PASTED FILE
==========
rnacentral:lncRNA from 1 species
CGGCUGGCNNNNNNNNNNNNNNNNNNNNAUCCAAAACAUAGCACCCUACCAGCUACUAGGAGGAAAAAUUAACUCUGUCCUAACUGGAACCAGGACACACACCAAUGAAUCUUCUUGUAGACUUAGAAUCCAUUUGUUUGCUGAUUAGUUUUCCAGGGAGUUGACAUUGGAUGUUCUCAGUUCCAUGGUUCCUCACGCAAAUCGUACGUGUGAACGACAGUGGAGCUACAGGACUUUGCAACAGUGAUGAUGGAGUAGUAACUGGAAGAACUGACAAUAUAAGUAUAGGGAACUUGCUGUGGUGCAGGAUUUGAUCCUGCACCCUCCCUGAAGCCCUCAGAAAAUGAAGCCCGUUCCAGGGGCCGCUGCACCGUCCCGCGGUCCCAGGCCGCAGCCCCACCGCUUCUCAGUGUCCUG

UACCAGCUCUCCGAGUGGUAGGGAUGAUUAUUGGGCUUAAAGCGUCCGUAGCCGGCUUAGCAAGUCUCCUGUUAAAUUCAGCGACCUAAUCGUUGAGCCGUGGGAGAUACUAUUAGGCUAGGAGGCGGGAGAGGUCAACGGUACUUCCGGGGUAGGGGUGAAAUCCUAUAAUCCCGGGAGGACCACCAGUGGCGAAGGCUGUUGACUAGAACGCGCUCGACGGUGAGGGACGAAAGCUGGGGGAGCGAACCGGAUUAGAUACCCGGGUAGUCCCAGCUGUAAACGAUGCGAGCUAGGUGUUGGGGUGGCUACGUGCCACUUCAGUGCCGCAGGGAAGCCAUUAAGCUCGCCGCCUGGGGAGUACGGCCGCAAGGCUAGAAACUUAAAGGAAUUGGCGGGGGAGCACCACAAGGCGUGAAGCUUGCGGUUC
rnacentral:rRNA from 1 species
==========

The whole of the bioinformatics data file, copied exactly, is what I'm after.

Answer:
rnacentral:lncRNA from 1 species
CGGCUGGCNNNNNNNNNNNNNNNNNNNNAUCCAAAACAUAGCACCCUACCAGCUACUAGGAGGAAAAAUUAACUCUGUCCUAACUGGAACCAGGACACACACCAAUGAAUCUUCUUGUAGACUUAGAAUCCAUUUGUUUGCUGAUUAGUUUUCCAGGGAGUUGACAUUGGAUGUUCUCAGUUCCAUGGUUCCUCACGCAAAUCGUACGUGUGAACGACAGUGGAGCUACAGGACUUUGCAACAGUGAUGAUGGAGUAGUAACUGGAAGAACUGACAAUAUAAGUAUAGGGAACUUGCUGUGGUGCAGGAUUUGAUCCUGCACCCUCCCUGAAGCCCUCAGAAAAUGAAGCCCGUUCCAGGGGCCGCUGCACCGUCCCGCGGUCCCAGGCCGCAGCCCCACCGCUUCUCAGUGUCCUG

UACCAGCUCUCCGAGUGGUAGGGAUGAUUAUUGGGCUUAAAGCGUCCGUAGCCGGCUUAGCAAGUCUCCUGUUAAAUUCAGCGACCUAAUCGUUGAGCCGUGGGAGAUACUAUUAGGCUAGGAGGCGGGAGAGGUCAACGGUACUUCCGGGGUAGGGGUGAAAUCCUAUAAUCCCGGGAGGACCACCAGUGGCGAAGGCUGUUGACUAGAACGCGCUCGACGGUGAGGGACGAAAGCUGGGGGAGCGAACCGGAUUAGAUACCCGGGUAGUCCCAGCUGUAAACGAUGCGAGCUAGGUGUUGGGGUGGCUACGUGCCACUUCAGUGCCGCAGGGAAGCCAUUAAGCUCGCCGCCUGGGGAGUACGGCCGCAAGGCUAGAAACUUAAAGGAAUUGGCGGGGGAGCACCACAAGGCGUGAAGCUUGCGGUUC
rnacentral:rRNA from 1 species